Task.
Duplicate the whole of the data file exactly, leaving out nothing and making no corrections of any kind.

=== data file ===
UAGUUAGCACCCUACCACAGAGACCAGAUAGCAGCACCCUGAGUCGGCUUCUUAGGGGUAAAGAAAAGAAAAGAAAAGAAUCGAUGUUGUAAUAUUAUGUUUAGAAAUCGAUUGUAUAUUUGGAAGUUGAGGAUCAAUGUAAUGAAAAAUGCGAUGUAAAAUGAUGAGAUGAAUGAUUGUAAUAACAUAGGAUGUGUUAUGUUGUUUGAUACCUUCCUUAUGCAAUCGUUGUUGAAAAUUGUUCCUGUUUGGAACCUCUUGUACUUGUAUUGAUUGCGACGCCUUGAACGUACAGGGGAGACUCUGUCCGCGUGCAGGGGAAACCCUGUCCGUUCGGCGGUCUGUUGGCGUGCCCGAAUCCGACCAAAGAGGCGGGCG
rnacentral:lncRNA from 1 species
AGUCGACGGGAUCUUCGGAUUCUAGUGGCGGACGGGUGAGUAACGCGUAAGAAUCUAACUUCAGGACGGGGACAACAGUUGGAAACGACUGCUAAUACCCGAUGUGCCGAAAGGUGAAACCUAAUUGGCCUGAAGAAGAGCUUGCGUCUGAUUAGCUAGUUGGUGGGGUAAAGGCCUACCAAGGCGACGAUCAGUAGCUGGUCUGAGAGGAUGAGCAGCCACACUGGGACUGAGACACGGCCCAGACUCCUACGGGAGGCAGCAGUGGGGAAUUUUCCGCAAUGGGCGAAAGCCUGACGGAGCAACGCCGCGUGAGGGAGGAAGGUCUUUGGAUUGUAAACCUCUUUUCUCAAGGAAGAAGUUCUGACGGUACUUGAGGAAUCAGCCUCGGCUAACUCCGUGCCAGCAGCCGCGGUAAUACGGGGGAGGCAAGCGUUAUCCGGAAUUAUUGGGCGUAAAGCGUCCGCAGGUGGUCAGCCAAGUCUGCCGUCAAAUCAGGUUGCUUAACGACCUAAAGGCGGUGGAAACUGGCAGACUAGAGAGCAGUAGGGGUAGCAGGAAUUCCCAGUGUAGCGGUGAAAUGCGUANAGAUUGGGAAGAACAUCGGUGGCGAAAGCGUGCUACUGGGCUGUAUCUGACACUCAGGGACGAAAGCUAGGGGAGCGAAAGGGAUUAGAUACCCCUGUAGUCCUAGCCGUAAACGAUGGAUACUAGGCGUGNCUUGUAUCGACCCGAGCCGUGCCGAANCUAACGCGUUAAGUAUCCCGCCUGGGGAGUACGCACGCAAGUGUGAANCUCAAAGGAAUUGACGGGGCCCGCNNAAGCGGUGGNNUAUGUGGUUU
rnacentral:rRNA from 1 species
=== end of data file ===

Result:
UAGUUAGCACCCUACCACAGAGACCAGAUAGCAGCACCCUGAGUCGGCUUCUUAGGGGUAAAGAAAAGAAAAGAAAAGAAUCGAUGUUGUAAUAUUAUGUUUAGAAAUCGAUUGUAUAUUUGGAAGUUGAGGAUCAAUGUAAUGAAAAAUGCGAUGUAAAAUGAUGAGAUGAAUGAUUGUAAUAACAUAGGAUGUGUUAUGUUGUUUGAUACCUUCCUUAUGCAAUCGUUGUUGAAAAUUGUUCCUGUUUGGAACCUCUUGUACUUGUAUUGAUUGCGACGCCUUGAACGUACAGGGGAGACUCUGUCCGCGUGCAGGGGAAACCCUGUCCGUUCGGCGGUCUGUUGGCGUGCCCGAAUCCGACCAAAGAGGCGGGCG
rnacentral:lncRNA from 1 species
AGUCGACGGGAUCUUCGGAUUCUAGUGGCGGACGGGUGAGUAACGCGUAAGAAUCUAACUUCAGGACGGGGACAACAGUUGGAAACGACUGCUAAUACCCGAUGUGCCGAAAGGUGAAACCUAAUUGGCCUGAAGAAGAGCUUGCGUCUGAUUAGCUAGUUGGUGGGGUAAAGGCCUACCAAGGCGACGAUCAGUAGCUGGUCUGAGAGGAUGAGCAGCCACACUGGGACUGAGACACGGCCCAGACUCCUACGGGAGGCAGCAGUGGGGAAUUUUCCGCAAUGGGCGAAAGCCUGACGGAGCAACGCCGCGUGAGGGAGGAAGGUCUUUGGAUUGUAAACCUCUUUUCUCAAGGAAGAAGUUCUGACGGUACUUGAGGAAUCAGCCUCGGCUAACUCCGUGCCAGCAGCCGCGGUAAUACGGGGGAGGCAAGCGUUAUCCGGAAUUAUUGGGCGUAAAGCGUCCGCAGGUGGUCAGCCAAGUCUGCCGUCAAAUCAGGUUGCUUAACGACCUAAAGGCGGUGGAAACUGGCAGACUAGAGAGCAGUAGGGGUAGCAGGAAUUCCCAGUGUAGCGGUGAAAUGCGUANAGAUUGGGAAGAACAUCGGUGGCGAAAGCGUGCUACUGGGCUGUAUCUGACACUCAGGGACGAAAGCUAGGGGAGCGAAAGGGAUUAGAUACCCCUGUAGUCCUAGCCGUAAACGAUGGAUACUAGGCGUGNCUUGUAUCGACCCGAGCCGUGCCGAANCUAACGCGUUAAGUAUCCCGCCUGGGGAGUACGCACGCAAGUGUGAANCUCAAAGGAAUUGACGGGGCCCGCNNAAGCGGUGGNNUAUGUGGUUU
rnacentral:rRNA from 1 species